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Kukuriku: Roosters of the World Unite

Some things surpass cultural differences, and onomatopoeias are some of them. Take what the rooster has to say.

Elon Gilad
Elon Gilad
Elon Gilad
Elon Gilad

Onomatopoeias, words that sound like that which they represent, vary from people to people. Take for example the cry of the rooster, which in the English speaking world we call cock-a-doodle-doo. The Chinese say gūgūgū, the Italians chicchirichí, Swedes kuckeliku, and the Germans kikeriki, but Israelis say kukuriku.

This apparently started in Greece, where the word for rooster's cry was koukouríkou. That was carried by Greek Orthodox priests to Russia, where the word became kukarekú.

From Russia, it migrated to Poland where it is kukuryku. Russian Jews living in Poland adopted it from their goy neighbors and that is how it entered Yiddish.

From the Yiddish, it entered Hebrew at the end of the 19th Century by way of a children’s song by the name "Kukuriku." It is used in the literature very early on in the works of the Hebrew writers Mendele Mocher Sefarim and S. Y. Agnon.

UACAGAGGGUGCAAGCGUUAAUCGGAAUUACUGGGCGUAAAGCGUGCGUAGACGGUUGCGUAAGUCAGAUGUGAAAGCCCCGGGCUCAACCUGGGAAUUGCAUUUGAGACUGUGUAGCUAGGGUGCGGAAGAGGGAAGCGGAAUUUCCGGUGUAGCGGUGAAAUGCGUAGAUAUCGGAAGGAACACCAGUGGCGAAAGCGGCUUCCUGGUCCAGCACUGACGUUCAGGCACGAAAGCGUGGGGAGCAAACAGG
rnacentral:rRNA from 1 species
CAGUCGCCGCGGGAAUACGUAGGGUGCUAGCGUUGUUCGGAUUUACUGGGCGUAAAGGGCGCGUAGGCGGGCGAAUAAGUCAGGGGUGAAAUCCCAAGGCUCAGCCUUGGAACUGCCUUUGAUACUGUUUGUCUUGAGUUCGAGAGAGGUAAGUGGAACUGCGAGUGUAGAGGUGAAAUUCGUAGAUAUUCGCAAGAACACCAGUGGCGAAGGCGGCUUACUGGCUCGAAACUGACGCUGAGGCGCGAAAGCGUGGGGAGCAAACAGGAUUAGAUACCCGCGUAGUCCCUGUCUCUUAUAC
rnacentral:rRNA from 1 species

The rooster's cry is far from being the only cross-lingual onomatopoeia, though it's one of the more complex ones. A baby's cry is also famously presented in almost the same way in multiple languages the world wide, that one would not suspect of cross-pollinating each other – for instance, it's "wah-wah" in both English and Mandarin, ua-ua in Russian, owe-owe in Indonesian dialect and so on. Laughter is also represented as ha-ha almost world-wide (kha-kha in Hebrew), and anywhere in the world you scream "Oy!", you will be understood to be seriously peeved.

A giant blue rooster sets off the somber military monuments in London's Trafalgar Square, July 25, 2013.Credit: AP
A rooster disrupting a Bnei Sachnin soccer game.Credit: Ancho Gosh

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